Patch: If daily deals were wildly profitable Patch might be the hottest web property in the local space. The thought process in the buildout was simple. Get people coming back every day for news and while they are with you sell them a deal. Unfortunately, the net result was building out a platform at 4x (+) the normal cost structure of a normal deal platform. To make matters worse people who consume news don’t seem to engage in deals. (See Deal Chicken). Less than 12 months out of the gate Patch Deals seem to have vanished Aol will seek another way to monetize this hefty investment.
Yelp: I love Yelp as a consumer. Nothing like peer reviews to tell me which dive bar to try and which 5 star to avoid. However, Yelp combines the problems of the two companies above. Nobody wants to be creeped via check-in and when I’m searching for a review I tend to ignore a deal. When deals don’t sell and the cost of sale becomes even MORE prohibitive. So how do you monetize this thing? (Oh and as a consumer I may love Yelp but my local baker, Serge, hates it after his dreaded competitor left a 1 star review and mentioned a mice problem that (hopefully) doesn’t exist.) Yelp can build out a sales force and sell a suite of services, ala Yodle & ReachLocal, but then why do they need the directory? Not to mention poor Serge who will never give them a dime of his business.
Dishonorable Mention: Gannett’s Deal Chicken: One thing that is common on this blog is our distain for a majority of traditional media’s attempts to get with the dotcom world. A majority of tech and dotcom companies have followed Google in treating employees with respect and dignity, again an approach ignored by their soon to be extinct peers. Poor employee benefits = Poor Talent = Deal Chicken. That’s right Gannett Newspaper marched into the deal space with their group buy product known as “Deal Chicken.”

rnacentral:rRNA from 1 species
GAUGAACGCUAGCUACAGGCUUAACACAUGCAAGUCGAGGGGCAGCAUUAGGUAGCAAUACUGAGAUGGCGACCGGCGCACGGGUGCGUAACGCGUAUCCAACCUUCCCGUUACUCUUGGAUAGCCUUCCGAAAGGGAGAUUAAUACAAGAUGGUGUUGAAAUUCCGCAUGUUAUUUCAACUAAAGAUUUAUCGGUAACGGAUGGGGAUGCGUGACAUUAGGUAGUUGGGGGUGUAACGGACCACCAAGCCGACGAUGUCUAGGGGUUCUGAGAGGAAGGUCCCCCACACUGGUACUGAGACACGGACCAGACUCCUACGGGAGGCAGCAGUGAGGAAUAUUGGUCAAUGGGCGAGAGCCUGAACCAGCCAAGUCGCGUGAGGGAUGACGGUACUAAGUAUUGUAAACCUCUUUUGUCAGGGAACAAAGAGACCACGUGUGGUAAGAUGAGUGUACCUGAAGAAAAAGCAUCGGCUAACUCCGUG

The fact that Gannet called it’s daily deal product “deal chicken” is worth a chuckle (Once 10 are sold a deal is “hatched”). A cursory look at the amount of deals being sold turns the chuckle into a full belly laugh. Similar to Aol’s Patch the deal sites have no engagement, no deals sold and a rather frightening layout . (“Tell your Peeps on Facebook”…REALLY?) The sad fact is that Gannett actually invested money to the tune of over $1,000,000 into the design and functionality of this product, again not innovating, but trying to catch-up with the daily deals craze. At least Groupon sells a ton of deals (although they still lose money). Gannett manages to lose even more money by not selling their pathetic deals. The joke is on Gannett with deal chicken as the life has literally been choked out of this product. It may still look alive, but the truth is it just continues to hop around long after the death sentence has been executed.
Lesson to be learned. Fools rush in. We all thought Groupon was wildly profitable, but at second blush, the daily deals market is much more complicated, and much less lucrative, than we ever imagined. Organizations and investors would be wise to consider entirely new opportunities to make money before deciding to chase after an unproven model, with minimum data points. Copying a loser is a surefire recipe for failure.